The Doomsday Book
How do you define a "great book"?
Technically, this is science fiction. It's a story of time travel, a contrast between the years 2048 and the 1300's; between a time proficient in science, particularly medical science, and a time of horrifying physical want and disease. Between future scholarly Oxford and a medieval rural community struggling to be self-sufficient miles outside ancient Oxford.
But at it's core, this is a study of people trying to survive, and human relationships. What happens when history stops being an academic study and becomes a personal experience? When names carved in stone become living, breathing individuals?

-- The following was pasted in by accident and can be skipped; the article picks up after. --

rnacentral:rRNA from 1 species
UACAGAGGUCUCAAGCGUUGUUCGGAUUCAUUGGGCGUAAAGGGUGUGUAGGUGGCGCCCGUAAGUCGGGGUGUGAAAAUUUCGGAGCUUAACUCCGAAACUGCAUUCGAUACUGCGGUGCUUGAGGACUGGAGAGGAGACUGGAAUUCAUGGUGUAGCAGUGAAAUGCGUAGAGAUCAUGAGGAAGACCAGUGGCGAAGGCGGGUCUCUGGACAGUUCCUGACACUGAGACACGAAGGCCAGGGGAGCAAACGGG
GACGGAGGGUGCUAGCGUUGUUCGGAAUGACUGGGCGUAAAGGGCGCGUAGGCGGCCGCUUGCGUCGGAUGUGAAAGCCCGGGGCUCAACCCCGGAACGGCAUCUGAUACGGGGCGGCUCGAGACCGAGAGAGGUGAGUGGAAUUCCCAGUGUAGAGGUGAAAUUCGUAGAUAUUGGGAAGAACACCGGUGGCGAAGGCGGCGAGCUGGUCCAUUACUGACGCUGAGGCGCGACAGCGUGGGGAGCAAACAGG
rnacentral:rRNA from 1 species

I think I've mentioned in other reviews that I am coming to understand that a "great book", to me, is a book that changes the way I see or understand the world. The Doomsday Book did that.
It doesn't surprise me that this book won the Nebula and the Hugo Awards, the top awards in the sci-fi field.
I have also read Connie Willis' Bellwether. I enjoyed it very much. I'm beginning to feel that if I see her name on the spine of a book, I want to pick that book up and jump in. Wanna join me? We might have some great discussions!